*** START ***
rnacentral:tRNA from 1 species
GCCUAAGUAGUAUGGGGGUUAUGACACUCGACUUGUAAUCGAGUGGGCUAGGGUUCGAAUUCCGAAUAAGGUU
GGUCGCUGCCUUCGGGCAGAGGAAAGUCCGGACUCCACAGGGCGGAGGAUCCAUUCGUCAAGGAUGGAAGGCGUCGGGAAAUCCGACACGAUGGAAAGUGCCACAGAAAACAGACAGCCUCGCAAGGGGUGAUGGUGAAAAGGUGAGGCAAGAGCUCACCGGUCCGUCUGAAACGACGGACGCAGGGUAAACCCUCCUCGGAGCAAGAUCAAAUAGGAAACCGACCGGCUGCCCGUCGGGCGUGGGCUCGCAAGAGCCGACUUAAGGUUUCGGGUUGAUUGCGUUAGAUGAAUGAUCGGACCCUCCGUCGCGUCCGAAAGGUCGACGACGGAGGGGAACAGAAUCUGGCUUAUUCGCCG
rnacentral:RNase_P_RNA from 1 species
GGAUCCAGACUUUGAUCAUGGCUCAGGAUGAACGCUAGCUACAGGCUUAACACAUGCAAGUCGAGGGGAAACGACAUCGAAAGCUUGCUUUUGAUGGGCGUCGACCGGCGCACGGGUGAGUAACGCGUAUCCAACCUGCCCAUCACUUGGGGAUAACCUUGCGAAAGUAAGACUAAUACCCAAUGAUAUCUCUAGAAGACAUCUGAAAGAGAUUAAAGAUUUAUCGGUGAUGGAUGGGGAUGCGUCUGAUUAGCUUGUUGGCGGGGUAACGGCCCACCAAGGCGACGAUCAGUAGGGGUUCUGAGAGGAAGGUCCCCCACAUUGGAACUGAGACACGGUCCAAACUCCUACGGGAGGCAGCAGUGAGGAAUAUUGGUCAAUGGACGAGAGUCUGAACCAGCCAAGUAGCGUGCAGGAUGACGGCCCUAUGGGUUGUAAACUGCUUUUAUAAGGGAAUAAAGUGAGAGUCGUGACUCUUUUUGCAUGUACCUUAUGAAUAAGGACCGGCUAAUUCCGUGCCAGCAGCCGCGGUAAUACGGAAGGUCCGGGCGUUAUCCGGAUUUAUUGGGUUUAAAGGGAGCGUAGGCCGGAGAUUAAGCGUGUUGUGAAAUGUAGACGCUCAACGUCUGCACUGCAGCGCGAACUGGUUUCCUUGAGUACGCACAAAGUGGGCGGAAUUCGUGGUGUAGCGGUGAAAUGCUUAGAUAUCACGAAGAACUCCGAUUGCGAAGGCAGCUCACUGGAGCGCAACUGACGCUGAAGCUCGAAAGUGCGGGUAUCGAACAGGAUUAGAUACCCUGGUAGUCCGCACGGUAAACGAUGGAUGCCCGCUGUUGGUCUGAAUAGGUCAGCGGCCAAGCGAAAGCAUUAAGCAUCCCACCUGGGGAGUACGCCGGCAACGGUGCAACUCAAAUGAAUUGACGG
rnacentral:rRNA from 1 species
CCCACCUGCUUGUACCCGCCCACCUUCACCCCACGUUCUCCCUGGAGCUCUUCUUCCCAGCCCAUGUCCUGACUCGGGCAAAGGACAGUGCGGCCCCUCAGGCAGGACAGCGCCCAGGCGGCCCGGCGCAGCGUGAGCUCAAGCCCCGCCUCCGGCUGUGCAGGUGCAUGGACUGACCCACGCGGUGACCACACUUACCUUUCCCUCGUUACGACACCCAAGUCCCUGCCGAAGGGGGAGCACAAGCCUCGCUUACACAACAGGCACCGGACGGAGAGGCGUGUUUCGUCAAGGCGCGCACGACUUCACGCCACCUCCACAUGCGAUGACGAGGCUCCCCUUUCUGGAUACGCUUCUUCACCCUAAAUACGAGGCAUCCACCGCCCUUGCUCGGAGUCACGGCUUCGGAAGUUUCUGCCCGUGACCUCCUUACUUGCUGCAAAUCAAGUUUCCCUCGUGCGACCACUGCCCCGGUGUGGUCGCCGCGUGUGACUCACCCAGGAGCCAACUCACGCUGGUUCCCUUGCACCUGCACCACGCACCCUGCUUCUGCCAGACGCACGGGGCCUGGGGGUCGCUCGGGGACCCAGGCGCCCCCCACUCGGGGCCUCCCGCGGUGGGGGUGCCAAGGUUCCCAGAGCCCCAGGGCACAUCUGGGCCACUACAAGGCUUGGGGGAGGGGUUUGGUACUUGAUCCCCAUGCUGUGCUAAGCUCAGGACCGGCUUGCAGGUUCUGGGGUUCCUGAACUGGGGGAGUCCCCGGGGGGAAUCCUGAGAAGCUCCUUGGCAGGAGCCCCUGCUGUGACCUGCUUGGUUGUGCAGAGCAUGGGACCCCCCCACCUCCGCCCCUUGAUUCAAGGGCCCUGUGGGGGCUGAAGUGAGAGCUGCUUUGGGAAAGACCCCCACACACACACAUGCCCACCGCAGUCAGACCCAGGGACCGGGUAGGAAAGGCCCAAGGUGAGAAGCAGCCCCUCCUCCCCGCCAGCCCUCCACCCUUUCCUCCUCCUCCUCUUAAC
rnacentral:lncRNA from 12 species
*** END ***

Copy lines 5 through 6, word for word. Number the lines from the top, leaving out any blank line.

GGAUCCAGACUUUGAUCAUGGCUCAGGAUGAACGCUAGCUACAGGCUUAACACAUGCAAGUCGAGGGGAAACGACAUCGAAAGCUUGCUUUUGAUGGGCGUCGACCGGCGCACGGGUGAGUAACGCGUAUCCAACCUGCCCAUCACUUGGGGAUAACCUUGCGAAAGUAAGACUAAUACCCAAUGAUAUCUCUAGAAGACAUCUGAAAGAGAUUAAAGAUUUAUCGGUGAUGGAUGGGGAUGCGUCUGAUUAGCUUGUUGGCGGGGUAACGGCCCACCAAGGCGACGAUCAGUAGGGGUUCUGAGAGGAAGGUCCCCCACAUUGGAACUGAGACACGGUCCAAACUCCUACGGGAGGCAGCAGUGAGGAAUAUUGGUCAAUGGACGAGAGUCUGAACCAGCCAAGUAGCGUGCAGGAUGACGGCCCUAUGGGUUGUAAACUGCUUUUAUAAGGGAAUAAAGUGAGAGUCGUGACUCUUUUUGCAUGUACCUUAUGAAUAAGGACCGGCUAAUUCCGUGCCAGCAGCCGCGGUAAUACGGAAGGUCCGGGCGUUAUCCGGAUUUAUUGGGUUUAAAGGGAGCGUAGGCCGGAGAUUAAGCGUGUUGUGAAAUGUAGACGCUCAACGUCUGCACUGCAGCGCGAACUGGUUUCCUUGAGUACGCACAAAGUGGGCGGAAUUCGUGGUGUAGCGGUGAAAUGCUUAGAUAUCACGAAGAACUCCGAUUGCGAAGGCAGCUCACUGGAGCGCAACUGACGCUGAAGCUCGAAAGUGCGGGUAUCGAACAGGAUUAGAUACCCUGGUAGUCCGCACGGUAAACGAUGGAUGCCCGCUGUUGGUCUGAAUAGGUCAGCGGCCAAGCGAAAGCAUUAAGCAUCCCACCUGGGGAGUACGCCGGCAACGGUGCAACUCAAAUGAAUUGACGG
rnacentral:rRNA from 1 species